Article at a Glance
Have you heard of epigenetics? It is a hot topic right now—and the word is appearing more and more in the news as scientists make further discoveries. Importantly, it is affecting the way people look at parenting. Turns out that our health choices impact our future children long before we even decide to have children.
The study of epigenetics looks at how genes can be turned on or off by our life experiences.
DNA is the blueprint or instructions for the entire body, but it is the overlying epigenome (a layer of chemical tags) that decides which genes are active. Even though each of our cells contains an identical DNA blueprint, it is the epigenome that decides which instructions each cell listens to. For example, brains cells and skin cells are different not because they contain different DNA, but because only some parts of their genetic instructions are active.
Although our DNA code does not change, the epigenome is flexible and reacts to our environment. Beyond helping cells know what to do, the epigenome also responds to things like diet, stress, toxins, behavior, and lifestyle. Our experiences help shape how genes are expressed. It is often referred to as an “on and off switch” that turns on or off certain genes. It is what makes even identical twins different over time.
In a new embryo the epigenome is largely erased and reprogrammed. But recently scientists have found that some epigenetic tags sneak through. This means that parents’ experiences and lifestyle can affect the genes that are passed down to offspring through their epigenetic tags.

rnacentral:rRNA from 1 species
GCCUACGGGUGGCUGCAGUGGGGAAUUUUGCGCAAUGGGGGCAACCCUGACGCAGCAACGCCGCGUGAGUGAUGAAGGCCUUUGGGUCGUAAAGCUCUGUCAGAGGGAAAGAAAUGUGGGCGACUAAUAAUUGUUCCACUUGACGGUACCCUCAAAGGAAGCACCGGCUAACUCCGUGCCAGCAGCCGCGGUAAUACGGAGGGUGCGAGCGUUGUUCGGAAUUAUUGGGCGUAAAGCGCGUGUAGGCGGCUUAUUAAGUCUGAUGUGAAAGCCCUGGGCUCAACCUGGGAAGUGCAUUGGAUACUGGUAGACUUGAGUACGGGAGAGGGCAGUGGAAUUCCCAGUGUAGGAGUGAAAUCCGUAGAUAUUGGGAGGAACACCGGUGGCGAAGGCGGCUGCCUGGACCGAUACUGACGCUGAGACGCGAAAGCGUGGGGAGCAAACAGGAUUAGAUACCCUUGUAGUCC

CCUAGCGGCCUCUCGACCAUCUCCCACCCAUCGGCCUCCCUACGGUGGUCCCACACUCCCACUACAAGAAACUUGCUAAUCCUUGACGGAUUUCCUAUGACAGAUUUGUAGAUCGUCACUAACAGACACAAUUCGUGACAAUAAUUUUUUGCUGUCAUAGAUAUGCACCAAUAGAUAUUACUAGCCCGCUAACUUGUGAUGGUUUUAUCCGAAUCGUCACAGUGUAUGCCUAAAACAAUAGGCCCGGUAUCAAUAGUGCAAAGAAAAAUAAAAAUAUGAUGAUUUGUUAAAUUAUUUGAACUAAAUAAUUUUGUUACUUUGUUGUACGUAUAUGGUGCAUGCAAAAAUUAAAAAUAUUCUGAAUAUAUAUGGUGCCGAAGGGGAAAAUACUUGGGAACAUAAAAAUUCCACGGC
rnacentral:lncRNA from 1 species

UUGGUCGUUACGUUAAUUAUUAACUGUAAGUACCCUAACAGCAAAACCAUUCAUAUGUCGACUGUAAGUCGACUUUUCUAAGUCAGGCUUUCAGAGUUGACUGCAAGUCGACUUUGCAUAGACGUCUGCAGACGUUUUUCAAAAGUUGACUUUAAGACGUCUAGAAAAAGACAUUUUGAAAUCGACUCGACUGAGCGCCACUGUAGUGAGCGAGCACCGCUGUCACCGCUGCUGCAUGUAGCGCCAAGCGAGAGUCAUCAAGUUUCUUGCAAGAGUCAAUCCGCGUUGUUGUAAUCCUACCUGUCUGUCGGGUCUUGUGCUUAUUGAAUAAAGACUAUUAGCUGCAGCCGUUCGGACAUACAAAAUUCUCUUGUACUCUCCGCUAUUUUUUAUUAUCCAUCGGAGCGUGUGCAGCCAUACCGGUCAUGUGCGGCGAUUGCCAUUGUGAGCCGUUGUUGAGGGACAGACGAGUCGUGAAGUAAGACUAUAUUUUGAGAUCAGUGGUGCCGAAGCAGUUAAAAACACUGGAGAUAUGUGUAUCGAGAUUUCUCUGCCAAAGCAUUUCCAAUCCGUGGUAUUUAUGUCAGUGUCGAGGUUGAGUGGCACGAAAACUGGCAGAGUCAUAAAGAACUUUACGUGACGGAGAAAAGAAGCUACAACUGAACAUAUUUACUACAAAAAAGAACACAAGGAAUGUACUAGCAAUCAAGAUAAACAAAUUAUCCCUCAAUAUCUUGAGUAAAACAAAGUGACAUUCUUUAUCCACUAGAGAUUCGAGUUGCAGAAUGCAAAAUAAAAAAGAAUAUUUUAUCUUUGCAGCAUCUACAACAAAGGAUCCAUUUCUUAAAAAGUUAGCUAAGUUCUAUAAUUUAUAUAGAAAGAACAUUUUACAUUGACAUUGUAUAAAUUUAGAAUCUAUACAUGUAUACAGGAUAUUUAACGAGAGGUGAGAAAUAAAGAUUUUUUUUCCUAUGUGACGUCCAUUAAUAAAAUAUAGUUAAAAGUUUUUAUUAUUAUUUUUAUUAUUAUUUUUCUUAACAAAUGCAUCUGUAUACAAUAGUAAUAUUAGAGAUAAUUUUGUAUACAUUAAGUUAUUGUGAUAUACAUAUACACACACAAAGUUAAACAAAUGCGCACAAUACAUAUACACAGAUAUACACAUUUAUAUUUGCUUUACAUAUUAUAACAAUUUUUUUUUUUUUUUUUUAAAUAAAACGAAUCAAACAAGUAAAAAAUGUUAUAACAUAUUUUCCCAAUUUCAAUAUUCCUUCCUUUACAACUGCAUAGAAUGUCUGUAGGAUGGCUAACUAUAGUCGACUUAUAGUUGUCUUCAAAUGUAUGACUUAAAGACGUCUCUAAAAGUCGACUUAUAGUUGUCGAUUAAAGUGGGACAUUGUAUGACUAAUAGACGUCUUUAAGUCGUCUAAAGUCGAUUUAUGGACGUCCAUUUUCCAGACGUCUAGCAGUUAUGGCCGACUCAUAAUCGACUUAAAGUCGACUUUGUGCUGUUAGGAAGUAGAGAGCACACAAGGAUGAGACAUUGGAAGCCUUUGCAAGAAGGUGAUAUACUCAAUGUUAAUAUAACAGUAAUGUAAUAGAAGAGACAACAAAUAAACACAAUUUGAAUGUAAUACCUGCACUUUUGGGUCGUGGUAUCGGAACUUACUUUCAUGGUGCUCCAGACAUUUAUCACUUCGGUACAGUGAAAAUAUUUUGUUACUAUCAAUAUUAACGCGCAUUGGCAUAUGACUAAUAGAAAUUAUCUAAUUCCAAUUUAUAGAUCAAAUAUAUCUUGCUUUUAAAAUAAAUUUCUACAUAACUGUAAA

Traditionally scientists thought that changes in the human genome only occurred gradually over many, many generations. But epigenetics shows how these changes can occur and ultimately be passed down in just one or two generations.
Unless you are a biology nut, you might wonder what this means to you. But it is actually quite important. It means decisions like overeating, smoking, and living a stressful lifestyle are not just doing self-harm, but may make your future children and grandchildren predisposed to disease and premature death. For example, overeating can cause the genes that affect obesity to be expressed or “switched on.”
Here are some other reasons that epigenetics should be important to you:
It is nice to know that we are not totally at the mercy of our genes. Our lifestyle choices can actually change our genes and the genes we pass down to our children. It turns out that Darwin was only seeing part of the picture.